Professor Brown worked at the University for six years from 2004 and returns after 18 months at Warwick Business School.
His research focuses on people’s identities in organisations, including the processes of identity formation, protection and renewal.
Professor Brown said: “I’m looking at what organisations do to ensure people adopt particular beliefs and values, and define their selves in a particular way. Also, how their aspirations to be a particular person are moulded in the long term by the organisation.
“The other side of my research looks at how people kick back using irony and satire, and carve out their independence.”
Professor Brown has carried out research with The Parachute Regiment, and current projects range from interviewing inmates of a prison in Helsinki to solicitors at a small regional law firm based in the south west.
He said: “Nordic prisons have a reputation for being more humane than those in other countries, but nonetheless the life of a prisoner is still pretty harsh. The project is looking at how the prison seeks to shape and manipulate prisoners to adopt an identity that is subservient and docile.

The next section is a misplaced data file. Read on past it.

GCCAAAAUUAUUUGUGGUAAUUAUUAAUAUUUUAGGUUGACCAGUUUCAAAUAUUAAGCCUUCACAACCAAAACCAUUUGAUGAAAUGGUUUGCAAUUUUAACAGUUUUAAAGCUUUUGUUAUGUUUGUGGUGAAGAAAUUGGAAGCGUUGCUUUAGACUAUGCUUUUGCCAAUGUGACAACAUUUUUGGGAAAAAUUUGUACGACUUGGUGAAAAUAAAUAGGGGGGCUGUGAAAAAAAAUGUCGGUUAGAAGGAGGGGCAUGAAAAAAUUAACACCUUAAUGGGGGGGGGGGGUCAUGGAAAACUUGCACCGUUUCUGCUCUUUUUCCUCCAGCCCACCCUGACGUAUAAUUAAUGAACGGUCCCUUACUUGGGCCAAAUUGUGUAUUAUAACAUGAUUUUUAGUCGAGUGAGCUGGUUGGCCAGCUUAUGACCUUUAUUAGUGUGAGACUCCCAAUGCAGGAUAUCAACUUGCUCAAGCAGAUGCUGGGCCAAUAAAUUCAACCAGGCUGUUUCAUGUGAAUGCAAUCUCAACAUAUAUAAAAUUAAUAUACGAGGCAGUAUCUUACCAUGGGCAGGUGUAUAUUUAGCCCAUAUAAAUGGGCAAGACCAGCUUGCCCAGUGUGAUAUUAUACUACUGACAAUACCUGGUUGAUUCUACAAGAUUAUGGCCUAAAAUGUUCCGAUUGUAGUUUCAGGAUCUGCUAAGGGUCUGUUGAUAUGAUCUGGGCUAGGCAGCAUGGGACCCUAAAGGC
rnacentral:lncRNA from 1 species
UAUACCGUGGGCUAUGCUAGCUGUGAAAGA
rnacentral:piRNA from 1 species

“Interviews with the prisoners ask them about their daily routines, how they get on with others and how they survive, or otherwise.”
At the other end of the spectrum, solicitors are proving an easier interview subject.
His project is investigating how solicitors use IT systems in the workplace and how the systems influence their everyday existence. For example, the solicitors ignore a computer-based billing system that tracks their time, in favour of relying on their own judgement to support a presentation of themselves as professional, hard-working and high-performing.
Professor Brown has previously worked at the Universities of Manchester, Nottingham and Cambridge. He completed his undergraduate studies at the University of Oxford, and holds an MSc and PhD from the University of Sheffield.
Speaking about being back at Bath, Professor Brown said: “Bath is a very pleasant place to work. It’s both person-respecting and un-bureaucratic.
“I’m looking forward to starting a new project on a rugby team, the first time I’ll have looked at a professional sport. I’ll be exploring how elite athletes define themselves in the context of the institution, and what is done to them psychologically and physically.”
Professor Richard Elliott, Dean of the School of Management, said: “I am delighted by Andrew’s decision to return to Bath. He has an outstanding reputation, wealth of specialist research knowledge, and broad experience of business school activities that further enhance our profile.”